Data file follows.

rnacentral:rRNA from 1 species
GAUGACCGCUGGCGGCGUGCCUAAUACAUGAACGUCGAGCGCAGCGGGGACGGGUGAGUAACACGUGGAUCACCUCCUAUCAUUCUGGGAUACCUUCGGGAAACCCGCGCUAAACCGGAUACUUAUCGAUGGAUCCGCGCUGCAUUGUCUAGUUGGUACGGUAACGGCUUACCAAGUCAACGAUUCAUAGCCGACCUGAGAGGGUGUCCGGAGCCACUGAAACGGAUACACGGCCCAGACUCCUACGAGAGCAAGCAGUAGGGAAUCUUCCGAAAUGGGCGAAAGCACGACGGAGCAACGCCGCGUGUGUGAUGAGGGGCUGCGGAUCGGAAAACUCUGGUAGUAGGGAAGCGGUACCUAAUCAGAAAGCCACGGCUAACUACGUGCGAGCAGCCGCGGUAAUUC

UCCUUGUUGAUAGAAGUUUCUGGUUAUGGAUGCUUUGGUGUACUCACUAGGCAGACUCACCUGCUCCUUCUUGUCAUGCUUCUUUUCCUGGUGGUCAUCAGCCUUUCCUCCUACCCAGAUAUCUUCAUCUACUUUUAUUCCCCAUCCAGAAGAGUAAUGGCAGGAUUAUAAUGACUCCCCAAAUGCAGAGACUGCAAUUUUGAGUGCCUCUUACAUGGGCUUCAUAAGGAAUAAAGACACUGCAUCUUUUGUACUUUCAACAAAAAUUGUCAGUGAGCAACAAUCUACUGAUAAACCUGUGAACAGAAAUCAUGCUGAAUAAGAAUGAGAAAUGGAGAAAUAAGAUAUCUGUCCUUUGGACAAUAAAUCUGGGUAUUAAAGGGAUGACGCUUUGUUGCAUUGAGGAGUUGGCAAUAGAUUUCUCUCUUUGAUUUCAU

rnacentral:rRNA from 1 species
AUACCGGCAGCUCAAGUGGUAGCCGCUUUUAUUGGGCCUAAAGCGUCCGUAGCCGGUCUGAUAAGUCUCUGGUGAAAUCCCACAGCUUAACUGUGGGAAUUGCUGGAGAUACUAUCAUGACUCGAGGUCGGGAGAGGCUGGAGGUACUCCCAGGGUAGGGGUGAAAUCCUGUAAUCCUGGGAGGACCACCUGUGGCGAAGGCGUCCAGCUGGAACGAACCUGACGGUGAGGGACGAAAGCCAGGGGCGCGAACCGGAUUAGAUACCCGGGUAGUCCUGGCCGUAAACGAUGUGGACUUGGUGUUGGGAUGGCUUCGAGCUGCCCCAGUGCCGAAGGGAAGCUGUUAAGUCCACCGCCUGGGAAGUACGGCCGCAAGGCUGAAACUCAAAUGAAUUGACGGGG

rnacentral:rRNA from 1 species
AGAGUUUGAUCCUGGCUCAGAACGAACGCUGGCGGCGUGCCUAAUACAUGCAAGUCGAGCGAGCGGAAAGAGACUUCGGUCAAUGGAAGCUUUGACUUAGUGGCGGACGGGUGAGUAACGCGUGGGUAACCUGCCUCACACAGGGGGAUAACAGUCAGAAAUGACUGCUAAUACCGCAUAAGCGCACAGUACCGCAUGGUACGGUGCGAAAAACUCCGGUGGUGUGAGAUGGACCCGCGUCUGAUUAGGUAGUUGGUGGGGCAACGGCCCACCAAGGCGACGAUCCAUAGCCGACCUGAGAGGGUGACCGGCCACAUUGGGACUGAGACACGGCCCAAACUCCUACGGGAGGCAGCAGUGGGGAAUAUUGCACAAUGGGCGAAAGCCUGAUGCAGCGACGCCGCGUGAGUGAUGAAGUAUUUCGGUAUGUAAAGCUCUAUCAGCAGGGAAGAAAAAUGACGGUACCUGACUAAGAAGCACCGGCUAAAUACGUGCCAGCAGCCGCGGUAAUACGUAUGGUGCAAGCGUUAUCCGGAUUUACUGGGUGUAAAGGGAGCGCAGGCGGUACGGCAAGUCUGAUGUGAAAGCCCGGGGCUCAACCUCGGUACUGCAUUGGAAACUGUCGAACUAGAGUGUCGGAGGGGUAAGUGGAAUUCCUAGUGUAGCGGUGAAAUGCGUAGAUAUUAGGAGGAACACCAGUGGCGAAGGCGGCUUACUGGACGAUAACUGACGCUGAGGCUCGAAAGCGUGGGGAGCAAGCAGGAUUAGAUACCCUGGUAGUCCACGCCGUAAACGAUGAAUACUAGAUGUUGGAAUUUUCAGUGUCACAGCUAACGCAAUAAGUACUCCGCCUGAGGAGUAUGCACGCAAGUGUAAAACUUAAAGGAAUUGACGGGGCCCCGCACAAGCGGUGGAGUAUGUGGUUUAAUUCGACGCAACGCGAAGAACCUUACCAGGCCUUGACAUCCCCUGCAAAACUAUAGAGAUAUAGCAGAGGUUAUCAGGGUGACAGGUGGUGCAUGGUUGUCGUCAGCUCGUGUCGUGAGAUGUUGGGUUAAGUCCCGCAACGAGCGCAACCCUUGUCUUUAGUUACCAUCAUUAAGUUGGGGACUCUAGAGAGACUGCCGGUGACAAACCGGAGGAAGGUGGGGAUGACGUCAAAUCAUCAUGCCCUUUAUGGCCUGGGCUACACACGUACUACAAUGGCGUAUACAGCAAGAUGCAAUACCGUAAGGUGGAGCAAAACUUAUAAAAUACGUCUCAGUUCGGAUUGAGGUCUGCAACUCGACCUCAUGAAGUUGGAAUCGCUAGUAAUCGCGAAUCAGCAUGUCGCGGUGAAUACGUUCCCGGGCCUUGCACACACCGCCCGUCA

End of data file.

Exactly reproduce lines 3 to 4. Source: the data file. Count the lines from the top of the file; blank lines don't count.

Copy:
UCCUUGUUGAUAGAAGUUUCUGGUUAUGGAUGCUUUGGUGUACUCACUAGGCAGACUCACCUGCUCCUUCUUGUCAUGCUUCUUUUCCUGGUGGUCAUCAGCCUUUCCUCCUACCCAGAUAUCUUCAUCUACUUUUAUUCCCCAUCCAGAAGAGUAAUGGCAGGAUUAUAAUGACUCCCCAAAUGCAGAGACUGCAAUUUUGAGUGCCUCUUACAUGGGCUUCAUAAGGAAUAAAGACACUGCAUCUUUUGUACUUUCAACAAAAAUUGUCAGUGAGCAACAAUCUACUGAUAAACCUGUGAACAGAAAUCAUGCUGAAUAAGAAUGAGAAAUGGAGAAAUAAGAUAUCUGUCCUUUGGACAAUAAAUCUGGGUAUUAAAGGGAUGACGCUUUGUUGCAUUGAGGAGUUGGCAAUAGAUUUCUCUCUUUGAUUUCAU

rnacentral:rRNA from 1 species